Andre Lambertson is a New York-based photojournalist, teacher, and filmmaker. He creates award-winning photo essays on social issues for magazines, books, foundations, advocacy organizations and museums including Time, US News & World Report, Life, National Geographic, The New York Times Magazine, The Ford Foundation, The George Soros Foundation and The Smithsonian Museum. His work has also been published in the books "A Day in The Life of Africa," "A Day in The Life of The Military," "America 24/7" and "RISE," a project on gifted Black and Latino youth.
Lambertson has received four “Picture of the Year” Awards, the World
Press Photo Award, the OSI George Soros Media Fellowship, and a
Pulitzer Center grant for work on child soldiers in West Africa. His
work has been exhibited at the International Center of Photography, the
Smithsonian, the Corcoran Gallery, the Darkroom and Perpignan.
Other recent projects include Junta Rations, a documentary about sexual slavery in Sierra Leone, Ausungate,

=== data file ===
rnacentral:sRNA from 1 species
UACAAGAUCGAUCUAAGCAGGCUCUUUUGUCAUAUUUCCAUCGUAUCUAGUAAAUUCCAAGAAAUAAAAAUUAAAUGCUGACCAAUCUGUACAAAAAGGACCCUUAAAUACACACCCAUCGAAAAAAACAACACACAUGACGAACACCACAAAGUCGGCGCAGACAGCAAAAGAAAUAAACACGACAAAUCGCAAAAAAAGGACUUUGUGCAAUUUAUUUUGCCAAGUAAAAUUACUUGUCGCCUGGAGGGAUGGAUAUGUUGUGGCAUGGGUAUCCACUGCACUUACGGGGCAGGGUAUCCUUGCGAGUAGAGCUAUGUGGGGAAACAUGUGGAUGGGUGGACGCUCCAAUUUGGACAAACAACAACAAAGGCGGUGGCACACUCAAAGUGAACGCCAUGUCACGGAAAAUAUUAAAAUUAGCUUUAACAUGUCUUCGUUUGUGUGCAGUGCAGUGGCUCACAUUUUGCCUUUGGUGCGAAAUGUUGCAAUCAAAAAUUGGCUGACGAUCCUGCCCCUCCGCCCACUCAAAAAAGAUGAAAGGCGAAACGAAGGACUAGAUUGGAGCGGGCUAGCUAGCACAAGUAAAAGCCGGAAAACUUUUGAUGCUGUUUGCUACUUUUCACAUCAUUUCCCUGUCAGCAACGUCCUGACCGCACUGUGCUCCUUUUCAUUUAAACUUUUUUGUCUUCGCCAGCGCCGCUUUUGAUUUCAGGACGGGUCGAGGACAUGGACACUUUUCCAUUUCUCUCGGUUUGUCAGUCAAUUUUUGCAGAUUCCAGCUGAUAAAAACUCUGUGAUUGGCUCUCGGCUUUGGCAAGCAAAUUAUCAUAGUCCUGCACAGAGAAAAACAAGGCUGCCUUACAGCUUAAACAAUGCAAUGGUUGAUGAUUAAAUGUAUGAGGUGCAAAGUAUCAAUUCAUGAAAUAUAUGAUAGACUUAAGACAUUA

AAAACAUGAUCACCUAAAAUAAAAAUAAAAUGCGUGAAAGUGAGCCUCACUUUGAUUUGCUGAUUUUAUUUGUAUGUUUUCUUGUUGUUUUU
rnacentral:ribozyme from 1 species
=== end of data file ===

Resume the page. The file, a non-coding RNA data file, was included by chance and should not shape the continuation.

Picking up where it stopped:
a documentary about the spirit of an Andean peak, and the people who
live, work, and worship there and Skydancer, a film about a renowned female lama living in a remote Himalayan plateau.
Richard, a producer, director, and editor, has been recognized for his work as a producer and editor for television with Peabody, Emmy and Christopher awards, including the 2002 CBS documentary “9/11”. He has worked at CBS News for “Street Stories”, “48 Hours”, “Live to Tell”, "Brooklyn DA" and “Sunday Morning”. Previously he edited television series and independent documentaries for PBS, National Geographic and Lifetime.